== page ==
Low Bing Chong and his wife, Lily, ran the successful Chong Wah grocery store (pictured here in the 1950s). In the late 1940s, the Chong children began to help run the store, and later they renamed it Lytton Supplies Ltd. Image courtesy of David Chong.
The village of Lytton is the home and centre of the Nlaka’pamux First Nation, located about eighty-five kilometres (fifty-three miles) north of Yale. It is situated at the confluence of the beige-brown Fraser River and the navy-blue Thompson River, a place known as “the Fork” in the early days.
Lily Chong was a highly esteemed and well respected woman in Lytton. She was a very good friend of Mary Williams, the mother of Rita Haugen, a First Nations woman. She often invited Williams and her sister Lena Charlie to dinner. When fall arrived, Chong and Williams used to go out together to pick berries in the bush, said the late Rita Haugen. Many First Nations people in Lytton had shared berries or fresh salmon with the Chong family and went to Lytton Supplies Ltd. Store 1 to purchase goods.
“My mother was a very self-disciplined and capable woman,” said David Chong, son of Lily Chong. “She operated the original Chong Wah grocery store until it was torn down. In 1935, she built the new Chong Wah Store (祥华商店) at the southwest corner of Third and Main Street and operated it as a general store that sold a wide variety of products including groceries, dry goods, hardware, harness, saddlery and myriad other things. The original Chong Wah building was torn down in 1940. But the business in the new Chong Wah flourished under her management.”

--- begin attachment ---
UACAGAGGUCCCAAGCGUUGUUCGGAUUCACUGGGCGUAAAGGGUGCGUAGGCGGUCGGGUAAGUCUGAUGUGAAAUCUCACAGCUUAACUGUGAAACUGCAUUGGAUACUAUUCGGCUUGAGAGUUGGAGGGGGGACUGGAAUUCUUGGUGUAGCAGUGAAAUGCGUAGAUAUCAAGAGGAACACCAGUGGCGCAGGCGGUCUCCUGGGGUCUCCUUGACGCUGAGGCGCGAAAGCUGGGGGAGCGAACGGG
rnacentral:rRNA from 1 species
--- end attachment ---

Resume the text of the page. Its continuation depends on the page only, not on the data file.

The tombstones of Lily and Low Bing Chong. Low Bing Chong was born in China, but emigrated to Lytton in 1903 where he joined his father. Lily Lai Kuan Chow was born in Victoria, BC. She married Low Bing in 1920. They had one daughter and three sons, all born in Lytton. Images courtesy of the author.
In 1946, Peter returned from UBC and helped her mother manage the store. He took over a big load from my mother since then. Later, Peter became the principal manager of the business “although my mother remained active in the enterprise.” Peter had developed a good understanding of the Nlaka’pamux language, which enabled him to communicate with the First Nations people when they shopped in the store. In the 1960s, the name of the store was changed to Lytton Supplies Ltd., referred to as Store 1. In the 1970s, Lytton Supplies Ltd. purchased another store in the 400 block of Main Street. This store was known as Store 2. In 1979, the Chong family sold Store 1 to John and Marian Chan, but they continued to operate Store 2. Peter managed Store 2 until 1986, when the family sold the business to the Lytton Indian Band. However, Peter assisted the First Nations people in operating Store 2 for a year or so. He retired in the following year.
Growing up as the only Chinese children in Lytton, David (left) and Peter (right, with wife Alice) often felt very out of place. However, as their family’s store became an integral part of the community, so did they. Photo courtesy of the author.
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Thank you to Caitlin Press, especially Michael Despotovic, for putting together this snapshot for us.